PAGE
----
OSU football: Buckeyes enjoying change of bye week

By Bill Rabinowitz
Columbus Dispatch

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Ohio State quarterback Braxton Miller plays against Illinois during a game Saturday, Nov. 3, 2012, in Columbus, Ohio. (AP Photo/Jay LaPrete)

COLUMBUS: After grinding for 10 consecutive weeks, Ohio State doesn’t have a football game Saturday.

It would be a mistake, however, to call it a week off.

The Buckeyes practiced Thursday, as they did Tuesday and Wednesday. The intensity befits a typical week.

“Coach Warinner is coaching us like we’re playing the Super Bowl on Saturday,” left tackle Jack Mewhort said of offensive line coach Ed Warinner. “They don’t let up.”

But at least the weekend will be theirs for the first time since summer. Quarterback Braxton Miller plans to visit his family in Huber Heights. Running back Carlos Hyde will go to Cincinnati to see his mother.

The Buckeyes, tied for fifth in the Associated Press poll, are on a roll. As a result, they have mixed feelings about interrupting their season. But their bodies are telling them to cherish the respite.

“It’s good to get a break,” Hyde said. “We went 10 straight weeks without a break. So to have a break late in the season is definitely good. We get some guys back from injuries, so it’s good.”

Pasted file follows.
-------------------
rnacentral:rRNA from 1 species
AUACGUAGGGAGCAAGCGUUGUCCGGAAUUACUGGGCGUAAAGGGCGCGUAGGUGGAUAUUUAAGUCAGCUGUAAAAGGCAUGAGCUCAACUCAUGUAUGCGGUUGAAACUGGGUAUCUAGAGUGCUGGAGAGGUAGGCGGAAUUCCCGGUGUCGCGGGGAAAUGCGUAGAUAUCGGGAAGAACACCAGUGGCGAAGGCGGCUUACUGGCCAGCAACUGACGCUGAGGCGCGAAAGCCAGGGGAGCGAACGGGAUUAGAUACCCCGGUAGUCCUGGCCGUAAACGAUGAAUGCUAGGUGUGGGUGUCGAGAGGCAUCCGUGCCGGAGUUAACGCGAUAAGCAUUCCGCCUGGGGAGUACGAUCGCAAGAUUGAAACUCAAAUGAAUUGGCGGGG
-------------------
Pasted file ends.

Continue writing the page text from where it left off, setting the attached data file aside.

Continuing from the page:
The most notable is linebacker Etienne Sabino, who has missed a month because of a fractured leg. Other Buckeyes are taking time to nurse the inevitable wounds that accompany a season.

“It’s about freshness in your legs and body, getting all the bruises out,” Miller said.

Compounding the toll on their bodies has been a longer academic calendar. This is Ohio State’s first year in the semester system. When the Buckeyes’ academic calendar was divided into quarters, their classes didn’t start until late September. Now it’s a month earlier, so players have been working in the classroom longer than they’re used to.

“Academics are big for us,” receiver Corey Brown said. “We know we have to strive in school before we can do anything on the field. We take academics as seriously as football.”

The football work this week has been mostly on honing fundamentals, with an eye toward next week’s game against Wisconsin. Asked if the Buckeyes have done any work in preparation for the season finale against Michigan, coach Urban Meyer said they had not.

As for Meyer, he will take Saturday off to visit his daughter, Nicki, a senior volleyball player at Georgia Tech.

“My daughter’s got her Senior Day at Georgia Tech, so I’m going to watch her play,” Meyer said. “It’s unbelievable. Her career is winding down.”

Meanwhile, Meyer’s assistants will hit the road recruiting, as they did earlier this week. Defensive line coach Mike Vrabel left Wednesday. Others went Thursday. The practice Thursday was being run by Meyer and the four co-coordinators on the staff.

Based on their enthusiastic posts on Twitter, Buckeyes assistants seem to be reveling at being able to sell Ohio State. Meyer said recruits have been quite receptive.

“It’s all positive,” he said. “They kind of like the style [of play]. Kids nowadays want to see points. They also know there’s an opportunity here for them. We have some holes we have to fill, and our numbers are down. It’s going pretty well right now.”

Even if his team is flawed, it is undefeated. The players are binding their wounds and gearing their minds to finish the season the right way.

The team reunites on Sunday, their task clear.

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